Gentamicin (Gentacidin, Garamycin)

 

Aminoglycosides show synergy when used with penicillin for group B streptococcus. In neonates, the ill patient with sepsis and in certain situations, such as endocarditis, adding an aminoglycoside as a second drug may be helpful. The possible benefit must be weighed against the toxicity of renal and eighth nerve dysfunction, particularly in elderly people. The benefit of 2-drug therapy for group B streptococci has not been proven in terms of a better clinical outcome compared to penicillin therapy alone. The aminoglycoside needs to be tested against the isolate because only sensitive isolates can provide synergy.

Clindamycin (Cleocin)

 

Not for use as initial therapy because a small percent of group B streptococci will be resistant to clindamycin. Should not be used for endocarditis, bacteremia, or meningitis. If bacteria are sensitive, it can be used for pneumonia, osteomyelitis, and soft tissue infection. May also be useful as oral therapy to follow a course of parenteral therapy or if access becomes an issue.

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Contributor Information and Disclosures
Author

Christian J Woods, MD, FCCP Associate Program Director for Internal Medicine, Associate Program Director for Pulmonary/Critical Care, Associate MICU Director, Attending in Infectious Diseases/Pulmonary/Critical Care, MedStar Washington Hospital Center

Christian J Woods, MD, FCCP is a member of the following medical societies: American College of Chest Physicians, American College of Physicians-American Society of Internal Medicine, American Medical Association, American Society for Microbiology, American Thoracic Society, Infectious Diseases Society of America

Disclosure: Serve(d) as a speaker or a member of a speakers bureau for: Cubist Pharmaceuticals.

Coauthor(s)

Charles S Levy, MD Associate Professor, Department of Medicine, Section of Infectious Disease, George Washington University School of Medicine

Charles S Levy, MD is a member of the following medical societies: American College of Physicians, Infectious Diseases Society of America, Medical Society of the District of Columbia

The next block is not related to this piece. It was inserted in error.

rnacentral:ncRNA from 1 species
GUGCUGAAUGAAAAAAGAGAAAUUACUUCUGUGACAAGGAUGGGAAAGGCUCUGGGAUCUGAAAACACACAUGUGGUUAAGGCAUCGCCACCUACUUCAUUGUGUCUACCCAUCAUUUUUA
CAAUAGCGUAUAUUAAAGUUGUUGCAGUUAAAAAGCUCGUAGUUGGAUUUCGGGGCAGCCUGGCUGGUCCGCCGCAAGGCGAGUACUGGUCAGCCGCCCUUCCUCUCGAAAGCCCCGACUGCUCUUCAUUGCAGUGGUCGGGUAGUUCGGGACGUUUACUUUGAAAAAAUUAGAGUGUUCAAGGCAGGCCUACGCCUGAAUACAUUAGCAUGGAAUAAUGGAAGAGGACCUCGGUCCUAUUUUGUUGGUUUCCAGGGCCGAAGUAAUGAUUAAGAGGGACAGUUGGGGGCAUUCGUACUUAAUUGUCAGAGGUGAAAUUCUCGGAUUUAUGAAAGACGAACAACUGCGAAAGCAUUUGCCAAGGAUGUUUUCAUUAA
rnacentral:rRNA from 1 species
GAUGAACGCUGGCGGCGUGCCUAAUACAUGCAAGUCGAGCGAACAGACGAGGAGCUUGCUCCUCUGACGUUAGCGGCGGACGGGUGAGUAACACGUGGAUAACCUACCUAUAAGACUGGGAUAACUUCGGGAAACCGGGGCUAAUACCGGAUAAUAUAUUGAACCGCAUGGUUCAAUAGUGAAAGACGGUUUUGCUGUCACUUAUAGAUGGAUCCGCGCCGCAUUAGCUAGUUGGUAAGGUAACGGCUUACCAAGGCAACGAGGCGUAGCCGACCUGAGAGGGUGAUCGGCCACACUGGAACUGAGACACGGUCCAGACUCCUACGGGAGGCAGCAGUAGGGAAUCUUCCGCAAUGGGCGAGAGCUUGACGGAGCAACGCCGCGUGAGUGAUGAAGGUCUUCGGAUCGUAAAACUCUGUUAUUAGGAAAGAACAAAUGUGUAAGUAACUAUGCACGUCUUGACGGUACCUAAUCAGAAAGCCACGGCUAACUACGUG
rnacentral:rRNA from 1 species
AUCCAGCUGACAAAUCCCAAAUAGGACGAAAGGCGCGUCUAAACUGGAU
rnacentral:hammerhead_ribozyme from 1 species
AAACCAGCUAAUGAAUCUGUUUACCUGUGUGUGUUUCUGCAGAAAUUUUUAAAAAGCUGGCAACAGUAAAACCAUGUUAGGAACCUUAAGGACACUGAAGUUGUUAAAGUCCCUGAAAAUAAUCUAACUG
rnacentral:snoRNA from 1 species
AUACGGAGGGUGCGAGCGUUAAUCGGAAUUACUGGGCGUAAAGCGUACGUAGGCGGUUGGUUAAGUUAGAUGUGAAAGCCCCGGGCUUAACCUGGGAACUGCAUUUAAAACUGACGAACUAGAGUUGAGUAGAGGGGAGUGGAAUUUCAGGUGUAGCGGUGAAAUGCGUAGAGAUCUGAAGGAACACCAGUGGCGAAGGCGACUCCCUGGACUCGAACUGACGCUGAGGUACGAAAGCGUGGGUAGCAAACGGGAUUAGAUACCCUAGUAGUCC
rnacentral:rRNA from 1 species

Disclosure: Nothing to disclose.

Specialty Editor Board

Francisco Talavera, PharmD, PhD Adjunct Assistant Professor, University of Nebraska Medical Center College of Pharmacy; Editor-in-Chief, Medscape Drug Reference

Disclosure: Received salary from Medscape for employment. for: Medscape.

John L Brusch, MD, FACP Assistant Professor of Medicine, Harvard Medical School; Consulting Staff, Department of Medicine and Infectious Disease Service, Cambridge Health Alliance

John L Brusch, MD, FACP is a member of the following medical societies: American College of Physicians, Infectious Diseases Society of America

Disclosure: Nothing to disclose.

Chief Editor

Michael Stuart Bronze, MD David Ross Boyd Professor and Chairman, Department of Medicine, Stewart G Wolf Endowed Chair in Internal Medicine, Department of Medicine, University of Oklahoma Health Science Center; Master of the American College of Physicians; Fellow, Infectious Diseases Society of America

Michael Stuart Bronze, MD is a member of the following medical societies: Alpha Omega Alpha, American Medical Association, Oklahoma State Medical Association, Southern Society for Clinical Investigation, Association of Professors of Medicine, American College of Physicians, Infectious Diseases Society of America

Disclosure: Nothing to disclose.

Additional Contributors

Pranatharthi Haran Chandrasekar, MBBS, MD Professor, Chief of Infectious Disease, Program Director of Infectious Disease Fellowship, Department of Internal Medicine, Wayne State University School of Medicine

Pranatharthi Haran Chandrasekar, MBBS, MD is a member of the following medical societies: American College of Physicians, American Society for Microbiology, International Immunocompromised Host Society, Infectious Diseases Society of America

Disclosure: Nothing to disclose.

Acknowledgements

The authors and editors of Medscape Reference gratefully acknowledge the contributions of previous coauthor Mohamad Ossiani, MD, to the development and writing of this article.